inequality, poverty, and environmental degradation.

15. Self-centeredness and acquisitiveness are not inherent traits of our
species, but rather acquired traits based on a sense of fear and
insecurity within our social setting that fosters the perceived need of
individual and collective competition, expressed as the need to impress

16. Inequality based on gender and/or social class is a behavior based
on fear disguised as "social privilege".

17. Mobile property, that which one can carry with them, can be owned,
whereas fixed property - such as land, which may be borrowed - is to be
shared equally through rights of generational use, but can not be
personally owned to the detriment of future generations.

18. Placing material wealth, as symbolized by the money chase, above
spirituality, nature, and human well-being is the road to social
impoverishment, environmental degradation, and the collapse of societies
and their life-support systems. {3}

So, where are we today? We are the exact antithesis of the
hunter-gatherers in many respects: (1) who we are, (2) how we obtain
resources, (3) what we own, (4) our connection with Nature, and (5) who
benefits and who pays. I am, however, going to focus on our connection
with Nature, because, in a sense, the others are embodied in the
characteristics of that relationship.

The hunter-gatherers knew themselves to be an inseparable part of Nature
and therefore did their best to honor Nature by blending in with the
seasonal cycles of birth and death, of hunter, gatherer, and hunted.
Through their spirituality and myths, they sought to understand the
"Nature Gods", appease them, and serve them so they might continue to be
generous in the future.

We city folks, on the other hand, have all but lost our conscious
connection with Nature, in part because a number of modern religions,
such as Christianity and Judaism, consider humanity to be separate from
and above all other life on Planet Earth. In addition, we live in
protective "boxes" of one sort or another wherein our daily necessities
are transported - including our experience of the outer world via
television. Consequently, we rarely experience the night sky, the
seasonal flights of migrating geese, or the wide-open spaces that are as
yet uncluttered by the trappings of humanity. And those city folks who
do hunt, normally do so with high-powered rifles that make their game
into the abstractions of sport and trophies - not lives taken with
reverence for the necessity of food.

The hunter-gatherers lived lightly upon the land, honoring its cycles,
being patience with Nature's pace, taking only what they needed, and
thereby allowing the land to renew itself before they took from it
again. In this way, generations passed through the millennia, each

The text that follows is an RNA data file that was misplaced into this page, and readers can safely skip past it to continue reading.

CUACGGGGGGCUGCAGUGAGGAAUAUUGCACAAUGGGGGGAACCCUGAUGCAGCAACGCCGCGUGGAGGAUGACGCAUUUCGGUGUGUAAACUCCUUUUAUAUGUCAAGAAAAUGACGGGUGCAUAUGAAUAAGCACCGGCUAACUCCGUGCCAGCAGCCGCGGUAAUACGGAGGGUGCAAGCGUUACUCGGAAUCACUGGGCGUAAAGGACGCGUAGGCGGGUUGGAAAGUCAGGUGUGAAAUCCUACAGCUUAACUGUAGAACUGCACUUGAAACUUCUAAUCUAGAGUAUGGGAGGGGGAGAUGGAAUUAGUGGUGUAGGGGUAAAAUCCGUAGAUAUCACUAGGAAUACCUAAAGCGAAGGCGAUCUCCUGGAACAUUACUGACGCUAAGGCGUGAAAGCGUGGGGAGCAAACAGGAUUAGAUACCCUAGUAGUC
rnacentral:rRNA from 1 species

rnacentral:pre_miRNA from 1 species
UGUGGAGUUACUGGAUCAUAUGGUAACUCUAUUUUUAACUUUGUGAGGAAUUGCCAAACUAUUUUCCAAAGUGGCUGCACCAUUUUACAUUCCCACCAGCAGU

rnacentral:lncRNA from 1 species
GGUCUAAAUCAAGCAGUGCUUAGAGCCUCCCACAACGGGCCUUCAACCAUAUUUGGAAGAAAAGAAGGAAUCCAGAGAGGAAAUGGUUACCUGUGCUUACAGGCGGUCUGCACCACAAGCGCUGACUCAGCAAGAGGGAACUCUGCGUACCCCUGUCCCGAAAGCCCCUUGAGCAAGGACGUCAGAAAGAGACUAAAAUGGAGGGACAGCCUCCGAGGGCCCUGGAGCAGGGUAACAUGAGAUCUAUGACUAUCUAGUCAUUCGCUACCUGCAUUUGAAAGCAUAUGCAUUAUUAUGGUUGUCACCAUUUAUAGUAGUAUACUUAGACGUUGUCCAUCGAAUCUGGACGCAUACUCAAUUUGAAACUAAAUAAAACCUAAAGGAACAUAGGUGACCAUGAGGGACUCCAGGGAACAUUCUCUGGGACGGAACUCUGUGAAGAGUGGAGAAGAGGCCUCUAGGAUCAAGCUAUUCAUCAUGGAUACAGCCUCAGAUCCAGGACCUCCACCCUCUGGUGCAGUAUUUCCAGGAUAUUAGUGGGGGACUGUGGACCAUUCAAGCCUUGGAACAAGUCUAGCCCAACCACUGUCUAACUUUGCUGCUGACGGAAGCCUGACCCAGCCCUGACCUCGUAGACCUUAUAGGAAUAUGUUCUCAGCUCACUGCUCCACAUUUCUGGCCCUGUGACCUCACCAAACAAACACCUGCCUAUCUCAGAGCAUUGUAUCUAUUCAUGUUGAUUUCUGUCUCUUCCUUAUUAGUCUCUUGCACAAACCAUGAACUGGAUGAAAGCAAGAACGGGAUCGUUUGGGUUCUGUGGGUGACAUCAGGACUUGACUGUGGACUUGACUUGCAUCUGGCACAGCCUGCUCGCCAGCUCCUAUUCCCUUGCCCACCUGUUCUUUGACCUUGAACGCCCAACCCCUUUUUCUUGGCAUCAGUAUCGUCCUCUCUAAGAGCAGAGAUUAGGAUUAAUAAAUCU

tending to be at least as well off as the preceding one.

Because we have a propensity to see Nature as a commodity to be
competitively exploited for our immediate benefit, we are, at best,
short-changing the generations of the future by passing forward unpaid
environmental bills and, at worst, blatantly stealing their inheritance
and thus setting all generations on a course toward environmental
bankruptcy. The first is irresponsible, the latter unconscionable. While
the hunter-gatherers lived an effective life, we are focused almost
totally on efficiency. And they are not the same thing!


1. Barbara Nussbaum. 2003. Ubuntu. Resurgence 221:13.

2. Sally Pomme Clayton. 2003. Thread of Life. Resurgences 221:29.

3. The foregoing discussion of hunter-gatherers is taken from:

(1) the Foreword, Introduction, and first eight chapters of the 1998
book Limited Wants, Unlimited Means edited by John Gowdy and published
by Island Press, Washington, DC. The authors are as follows: Foreword by
Richard B Lee, Introduction by John Gowdy, Chapter 1 by Marshall
Sahlins, Chapter 2 by Richard B Lee, Chapter 3 by Lorna Marshall,
Chapter 4 by James Woodburn, Chapter 5 by Nurit Bird-David, Chapter 6 by
Eleanor Leacock, Chapter 7 by Richard B Lee, and Chapter 8 by Ernest S
Burch, Jr;

(2) Rebecca Adamson. People who are Indigenous to the Earth. 1997. YES!
A Journal of Positive Futures, Winter: 26-27;

(3) Gus diZerega. 1997. Re-thinking the Obvious: Modernity and Living
Respectfully with Nature. Trumpeter 14: 184-193;

(4) Richard K Nelson. 1983. Make Prayers to the Raven: A Koyukon View of
the Northern Forest. University of Chicago Press, Chicago, Illinois.
Pages 214-215;

(5) Stephanie Mills. 2001. Words for the Wild. Resurgence 208:38-40; and

(6) Roderick Frazier Nash. 2003. Wild World. Resurgence 216:36-38.

4. The foregoing discussion about the nomadic Bedouins is based on: Will
Cretney. 2000. A Nomadic Journey. Resurgence 203: 24-25.


This essay is condensed from Chris Maser's 2004 book The Perpetual
Consequences of Fear and Violence: Rethinking the Future. Maisonneuve
Press, Washington, DC. 373 pages.

Chris has written several books that are showcased on his website,
chrismaser.com. Chris lives in Corvallis, Oregon. He is a consultant on
environmental land-use development, sustainable communities and forestry.

Further Reading:

"Ancient innovations for present conventions toward extinction" by Jan
Lundberg, Culture Change Letter #161, June 10, 2007: culturechange.org